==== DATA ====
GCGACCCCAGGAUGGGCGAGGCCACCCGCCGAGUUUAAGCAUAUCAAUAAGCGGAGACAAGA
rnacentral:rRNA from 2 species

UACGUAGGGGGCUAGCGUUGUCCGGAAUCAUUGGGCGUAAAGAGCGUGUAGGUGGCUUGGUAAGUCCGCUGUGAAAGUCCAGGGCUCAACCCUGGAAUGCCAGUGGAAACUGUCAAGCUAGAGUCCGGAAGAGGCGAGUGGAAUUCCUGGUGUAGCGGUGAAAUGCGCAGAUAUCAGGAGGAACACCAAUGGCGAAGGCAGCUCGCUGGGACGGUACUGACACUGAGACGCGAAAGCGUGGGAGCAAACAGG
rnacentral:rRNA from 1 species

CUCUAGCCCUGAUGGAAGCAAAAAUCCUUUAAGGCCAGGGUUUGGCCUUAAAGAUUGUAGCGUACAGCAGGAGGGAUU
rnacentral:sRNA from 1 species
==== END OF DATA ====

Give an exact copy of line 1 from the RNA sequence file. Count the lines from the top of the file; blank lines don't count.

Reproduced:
GCGACCCCAGGAUGGGCGAGGCCACCCGCCGAGUUUAAGCAUAUCAAUAAGCGGAGACAAGA